Russia said Wednesday that one of its strikes had left the leader of Al-Qaeda in Syria Abu Mohammed al-Jolani in a "critical condition" and that he had lost an arm.

Russian Defense Ministry spokesperson Igor Konashenkov said the strike killed 12 commanders of the faction Jabhat Fateh al-Sham that claimed to have disbanded from Al-Qaeda last year in a move that Western officials said was only to improve its image internationally. The group is now the predominant force in the jihadist coalition in northern Syria known as Hayat Tahrir al-Sham, or HTS.

Moscow said the closed military aide of Jolani, Ahmad al-Ghizai, was killed in the strike. It added that it had received intelligence of the men's whereabouts on Tuesday and acted when they arrived for a meeting. It did not disclose the precise location of the strike.

"As a result of the strike, the leader of Jabhat al-Nusra Abu Mohammed al-Jolani received multiple serious shrapnel wounds, lost an arm and is in a critical condition, according to several independent sources," Konashenkov said in a statement.

Russian authorities said that the strike, carried out by  Sukhoi Su-34 and Su-35 jets, was in retaliation for an attack by jihadists against Russian military police in the northwest Syrian province of Idlib on September 18.

The status of Jolani remains unclear. Neither the Pentagon or the U.S.-led coalition battling the Islamic State militant group (ISIS) in Syria responded to a request for comment. 

Jolani is a notorious jihadist figure in Syria. He served as a rival to the Islamic State militant group (ISIS) when Abu Bakr al-Baghdadi tried to merge Syrian and Iraqi Al-Qaeda factions. Jolani reportedly rejected the merger because of ISIS’s brutality, and retained a strategy of battling Assad and the Syrian government, and building its influence among local populations in the country. He also appeared on Qatari-based television network Al-Jazeera to spread the group’s message.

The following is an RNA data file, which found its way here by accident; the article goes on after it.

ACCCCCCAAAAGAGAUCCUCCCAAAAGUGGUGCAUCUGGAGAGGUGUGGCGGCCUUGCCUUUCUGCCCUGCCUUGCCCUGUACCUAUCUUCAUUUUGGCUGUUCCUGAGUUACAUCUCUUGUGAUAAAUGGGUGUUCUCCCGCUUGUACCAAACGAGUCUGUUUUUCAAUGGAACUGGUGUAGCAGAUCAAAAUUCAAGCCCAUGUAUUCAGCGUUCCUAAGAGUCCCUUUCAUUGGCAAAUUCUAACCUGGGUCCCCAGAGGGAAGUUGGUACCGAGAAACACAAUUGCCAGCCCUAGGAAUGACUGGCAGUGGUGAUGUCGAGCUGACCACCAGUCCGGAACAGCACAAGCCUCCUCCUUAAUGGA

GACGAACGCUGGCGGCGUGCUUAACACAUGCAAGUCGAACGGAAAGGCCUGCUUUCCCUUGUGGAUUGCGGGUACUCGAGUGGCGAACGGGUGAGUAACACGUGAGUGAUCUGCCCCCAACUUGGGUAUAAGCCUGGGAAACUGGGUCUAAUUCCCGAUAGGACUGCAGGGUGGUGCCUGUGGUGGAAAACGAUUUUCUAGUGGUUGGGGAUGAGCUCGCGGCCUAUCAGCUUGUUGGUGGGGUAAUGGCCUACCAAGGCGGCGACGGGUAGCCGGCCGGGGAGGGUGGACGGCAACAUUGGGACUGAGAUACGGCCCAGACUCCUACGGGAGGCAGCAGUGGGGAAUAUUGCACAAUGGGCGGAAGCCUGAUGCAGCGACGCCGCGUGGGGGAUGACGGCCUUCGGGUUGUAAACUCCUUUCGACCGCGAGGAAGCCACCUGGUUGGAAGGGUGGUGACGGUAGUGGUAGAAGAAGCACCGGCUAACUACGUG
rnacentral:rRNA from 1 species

The U.S. put a $10 million bounty on Jolani’s head in May, the first bounty under the U.S.’s “Rewards for Justice Program” offered for a leader of the group formerly known as the Nusra Front. The State Department notice said that under the control of Jolani, the Nusra Front has “carried out multiple terrorist attacks throughout Syria, often targeting civilians.” It referred to the April 2015 kidnapping of 300 Kurdish civilians at a checkpoint in Syria—they were later released—and the June 2015 massacre of 20 residents of a Druze village in the northwestern Syrian province of Idlib.

In June, Russia claimed the killing of ISIS leader Abu Bakr al-Baghdadi in a strike near the eastern Syrian city of Raqqa at a military council meeting of ISIS leaders. But last month he appeared in a audio message, calling for renewed attacks on the West and for supporters to continue their fight for ISIS after a series of defeats in Iraq and Syria. 

The U.S.-led coalition also said it had no evidence to suggest that Baghdadi was dead, and Kurdish intelligence officials said they were “99 percent” sure that Baghdadi was still alive.

Russia is supporting the regime of Syrian President Bashar al-Assad against rebels and jihadists in the war-ravaged country, conducting bombing raids in support of his forces and Iranian-backed ground troops and militiamen. Moscow has helped the Syrian dictator wrestle back key population centers, such as the northern city of Aleppo. 

It is now bombing Idlib and supporting a ground offensive against ISIS in its eastern stronghold of Deir Ezzor, where many of its fighters have retreated to as it loses its grip on Raqqa, where a Kurdish-Arab coalition supported by the U.S. coalition is making significant gains.

On Tuesday, ISIS released a proof of life video of two injured Russian hostages that Moscow had denied being captured. The group shared the video on its self-styled news agency Amaq via the encrypted messaging app Telegram. 

The group said the pair were captured in the battle for Deir Ezzor, but Moscow said that no incident had occurred. "All servicemen of the Russian Armed Forces staying in the Syrian Arab Republic are safe and in a good condition and are performing the designated tasks,” a Russian spokesperson from the Hmeymim airbase in the western Syrian province of Latakia said, according to state-run Tass Russian News Agency.